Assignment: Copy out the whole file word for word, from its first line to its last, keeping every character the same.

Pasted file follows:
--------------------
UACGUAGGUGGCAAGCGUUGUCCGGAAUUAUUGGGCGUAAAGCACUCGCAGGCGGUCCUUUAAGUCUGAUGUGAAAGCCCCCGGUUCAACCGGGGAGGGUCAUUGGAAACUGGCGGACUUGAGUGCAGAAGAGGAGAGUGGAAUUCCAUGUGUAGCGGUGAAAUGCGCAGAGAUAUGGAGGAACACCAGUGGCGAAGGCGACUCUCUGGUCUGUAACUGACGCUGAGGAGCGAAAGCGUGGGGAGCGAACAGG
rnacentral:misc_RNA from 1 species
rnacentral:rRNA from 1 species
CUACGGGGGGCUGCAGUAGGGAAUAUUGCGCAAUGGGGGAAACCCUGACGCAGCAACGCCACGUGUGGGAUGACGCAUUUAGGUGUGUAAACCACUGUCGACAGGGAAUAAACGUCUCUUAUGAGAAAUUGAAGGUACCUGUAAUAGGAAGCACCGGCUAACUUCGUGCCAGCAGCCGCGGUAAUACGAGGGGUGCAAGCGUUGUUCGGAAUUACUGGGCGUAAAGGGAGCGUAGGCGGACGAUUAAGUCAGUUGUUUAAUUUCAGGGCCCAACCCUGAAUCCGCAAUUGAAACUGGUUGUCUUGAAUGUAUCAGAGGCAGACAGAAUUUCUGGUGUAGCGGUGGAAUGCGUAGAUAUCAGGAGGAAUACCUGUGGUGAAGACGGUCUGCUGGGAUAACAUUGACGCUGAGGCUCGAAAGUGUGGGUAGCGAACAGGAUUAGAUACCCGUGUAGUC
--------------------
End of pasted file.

UACGUAGGUGGCAAGCGUUGUCCGGAAUUAUUGGGCGUAAAGCACUCGCAGGCGGUCCUUUAAGUCUGAUGUGAAAGCCCCCGGUUCAACCGGGGAGGGUCAUUGGAAACUGGCGGACUUGAGUGCAGAAGAGGAGAGUGGAAUUCCAUGUGUAGCGGUGAAAUGCGCAGAGAUAUGGAGGAACACCAGUGGCGAAGGCGACUCUCUGGUCUGUAACUGACGCUGAGGAGCGAAAGCGUGGGGAGCGAACAGG
rnacentral:misc_RNA from 1 species
rnacentral:rRNA from 1 species
CUACGGGGGGCUGCAGUAGGGAAUAUUGCGCAAUGGGGGAAACCCUGACGCAGCAACGCCACGUGUGGGAUGACGCAUUUAGGUGUGUAAACCACUGUCGACAGGGAAUAAACGUCUCUUAUGAGAAAUUGAAGGUACCUGUAAUAGGAAGCACCGGCUAACUUCGUGCCAGCAGCCGCGGUAAUACGAGGGGUGCAAGCGUUGUUCGGAAUUACUGGGCGUAAAGGGAGCGUAGGCGGACGAUUAAGUCAGUUGUUUAAUUUCAGGGCCCAACCCUGAAUCCGCAAUUGAAACUGGUUGUCUUGAAUGUAUCAGAGGCAGACAGAAUUUCUGGUGUAGCGGUGGAAUGCGUAGAUAUCAGGAGGAAUACCUGUGGUGAAGACGGUCUGCUGGGAUAACAUUGACGCUGAGGCUCGAAAGUGUGGGUAGCGAACAGGAUUAGAUACCCGUGUAGUC